THIS STORY goes back decades: A soldier assigned to Fort Polk was relaxing with friends between watching for snakes and picking bugs off his uniform. (Fort Polk, in Vernon Parish, La., isn’t as swank as, say, Fort Sill in Oklahoma.) He complained about his assignment, as everybody does at Fort Polk. Even the name of the place, he said, comes from a third-rate president that nobody remembers.
Huh? said his buddy. Do you really think this fort is named for President James K. Polk?
It was then that our young friend learned Fort Polk was actually named for the first Episcopal Bishop of the Diocese of Louisiana—and Confederate general in the Civil War—Leonidas Polk, not President Polk. And that day the young soldier got a great big helping of the oddity of American history, and how Americans remember their history. Imagine, somebody who led troops against the Union honored by having a Union fort named for him.
Many current forts in the Union military were built as wars and rumors of wars were noised about in the run-ups to World War I and World War II. It made things go smooth locally to name some of these forts after officers in the Confederacy. And some of the choices were odd indeed.
One of the top forts in the United States is Fort Bragg in North Carolina, home of an Airborne corps, the 75th Rangers and headquarters for Army Special Ops. But Braxton Bragg is generally considered one of the worst generals in American history. Almost everywhere he went, defeat for his troops followed. Even when he was commended for bravery, it was in a loss (Battle of Shiloh), and he was a poor strategist. But at least his troops hated him.
This column has been mostly against the scrubbing of American history by removing statues. We once argued that such thinking would eventually lead to somebody suggesting taking down statues of George Washington, too. That day has come. You can read the story here: arkansasonline.com/617stat/
But there is a more mainstream view about the names of United States military bases. Last week, the U.S. Senate Armed Services Committee voted to establish a commission to help remove “names, symbols, displays, monuments and paraphernalia that honor or commemorate the Confederate States of America.” The vote was bipartisan, although one senator from Arkansas, Tom Cotton, sits on the committee and voted against the measure. But even some of the chamber’s more starboard-leaning types have retreated on the topic.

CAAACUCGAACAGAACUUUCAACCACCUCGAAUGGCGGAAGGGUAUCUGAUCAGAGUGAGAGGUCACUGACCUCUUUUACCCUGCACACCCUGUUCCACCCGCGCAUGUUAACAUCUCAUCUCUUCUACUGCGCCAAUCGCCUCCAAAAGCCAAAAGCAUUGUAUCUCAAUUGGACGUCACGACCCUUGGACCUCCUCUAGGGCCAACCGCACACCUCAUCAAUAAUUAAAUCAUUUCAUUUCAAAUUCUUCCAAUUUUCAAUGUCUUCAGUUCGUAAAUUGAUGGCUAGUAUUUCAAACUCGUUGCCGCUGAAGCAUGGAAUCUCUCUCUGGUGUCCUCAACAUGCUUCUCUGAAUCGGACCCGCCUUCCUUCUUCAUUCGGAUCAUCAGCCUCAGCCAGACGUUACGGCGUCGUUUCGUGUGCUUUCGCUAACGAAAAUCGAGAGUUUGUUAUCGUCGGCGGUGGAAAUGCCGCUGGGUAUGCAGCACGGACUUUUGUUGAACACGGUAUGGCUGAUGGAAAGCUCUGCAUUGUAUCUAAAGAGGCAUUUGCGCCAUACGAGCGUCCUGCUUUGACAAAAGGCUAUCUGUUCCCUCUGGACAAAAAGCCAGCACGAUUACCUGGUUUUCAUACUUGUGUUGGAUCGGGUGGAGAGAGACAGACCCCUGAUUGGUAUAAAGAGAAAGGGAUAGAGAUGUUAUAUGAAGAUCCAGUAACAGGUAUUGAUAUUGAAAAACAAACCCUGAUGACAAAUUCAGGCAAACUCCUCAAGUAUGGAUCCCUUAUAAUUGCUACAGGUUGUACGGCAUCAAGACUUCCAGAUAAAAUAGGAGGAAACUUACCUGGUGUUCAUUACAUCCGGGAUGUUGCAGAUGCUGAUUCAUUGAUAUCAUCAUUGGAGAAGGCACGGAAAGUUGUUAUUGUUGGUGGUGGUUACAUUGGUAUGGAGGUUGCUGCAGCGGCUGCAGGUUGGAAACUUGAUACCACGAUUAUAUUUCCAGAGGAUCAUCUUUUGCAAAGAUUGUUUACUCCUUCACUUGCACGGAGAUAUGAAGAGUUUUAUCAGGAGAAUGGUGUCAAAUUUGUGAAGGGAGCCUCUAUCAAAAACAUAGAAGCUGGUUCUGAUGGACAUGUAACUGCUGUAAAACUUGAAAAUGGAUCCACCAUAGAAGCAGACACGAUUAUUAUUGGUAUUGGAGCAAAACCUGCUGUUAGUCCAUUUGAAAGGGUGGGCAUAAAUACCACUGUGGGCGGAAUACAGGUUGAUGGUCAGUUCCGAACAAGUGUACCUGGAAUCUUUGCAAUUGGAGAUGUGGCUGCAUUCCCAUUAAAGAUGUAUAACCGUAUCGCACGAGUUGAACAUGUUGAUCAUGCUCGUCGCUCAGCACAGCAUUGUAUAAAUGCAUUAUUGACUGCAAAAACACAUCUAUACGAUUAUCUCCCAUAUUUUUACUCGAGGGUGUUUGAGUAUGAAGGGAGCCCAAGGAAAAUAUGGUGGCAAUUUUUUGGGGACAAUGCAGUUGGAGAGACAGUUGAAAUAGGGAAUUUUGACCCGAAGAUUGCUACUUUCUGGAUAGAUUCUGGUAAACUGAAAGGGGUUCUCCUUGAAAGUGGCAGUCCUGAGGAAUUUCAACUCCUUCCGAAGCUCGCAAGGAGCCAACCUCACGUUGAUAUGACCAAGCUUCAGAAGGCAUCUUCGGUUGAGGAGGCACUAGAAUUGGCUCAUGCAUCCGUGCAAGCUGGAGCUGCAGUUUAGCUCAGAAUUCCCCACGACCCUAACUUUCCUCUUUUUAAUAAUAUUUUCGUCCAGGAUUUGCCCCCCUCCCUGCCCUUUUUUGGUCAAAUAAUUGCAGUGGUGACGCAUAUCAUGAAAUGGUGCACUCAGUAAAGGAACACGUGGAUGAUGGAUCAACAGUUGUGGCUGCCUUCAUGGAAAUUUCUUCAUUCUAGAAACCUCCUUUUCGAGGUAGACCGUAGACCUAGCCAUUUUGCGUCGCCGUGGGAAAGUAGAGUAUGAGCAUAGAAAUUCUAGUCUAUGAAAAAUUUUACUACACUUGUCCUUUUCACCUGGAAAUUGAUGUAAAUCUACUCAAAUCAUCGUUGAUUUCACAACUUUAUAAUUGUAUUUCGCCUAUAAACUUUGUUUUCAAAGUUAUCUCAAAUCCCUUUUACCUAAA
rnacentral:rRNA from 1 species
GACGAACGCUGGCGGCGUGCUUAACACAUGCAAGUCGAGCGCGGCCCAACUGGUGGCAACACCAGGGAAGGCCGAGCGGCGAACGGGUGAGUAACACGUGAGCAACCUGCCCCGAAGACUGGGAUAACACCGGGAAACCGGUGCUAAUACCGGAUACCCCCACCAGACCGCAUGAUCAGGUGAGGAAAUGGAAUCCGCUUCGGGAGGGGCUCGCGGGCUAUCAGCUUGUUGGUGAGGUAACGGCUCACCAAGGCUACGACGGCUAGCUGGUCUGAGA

Doubtless, the state of things in America is helping push all sorts of change. If naming some of these forts in the South was political, then renaming them will be, too. Even conservatives feel these winds. They can stand athwart of history yelling “stop!” as Buckley said, but history never seems to listen.
There aren’t a lot of polls, yet, on the renaming of Army forts, but some of us imagine that most Americans have no idea these bases were named after Confederates. It’s likely that most people in 2020 won’t be opposed to renaming military bases. But We the People shouldn’t whitewash our shared history, either.
This nation, like all nations, has a checkered past, including the original sin of slavery. Which took a disaster of a war to excise. Leonidas Polk existed. Braxton Bragg existed. And they not only fought for the losing side, but the wrong side, and we should say that. If for no other reason than to let our posterity know that we understand that. And help guide their actions.
There could be plaques or signs or some sort of change-of-command panel to provide historical context, which could amount to a teachable moment not only for current soldiers, but those to come.
Why were these former Confederates given this honor? (We should note that most of those who served in top spots in the Confederate army also served the Union before 1861.) Who was Gen. Bragg? Who was Gen. Polk? Who were Henry Benning, P.G.T. Beauregard, John Bell Hood and A.P. Hill? And there are no doubt a number of names in the queue for new honors. Such as Fort Eisenhower, Fort Patton, Fort MacArthur, Fort Bradley, Fort Marshall … .
Instead of taking away the value of historical context—as some would do today—we should add to it. To do otherwise would be not only our loss. But a loss for everyone in the future.
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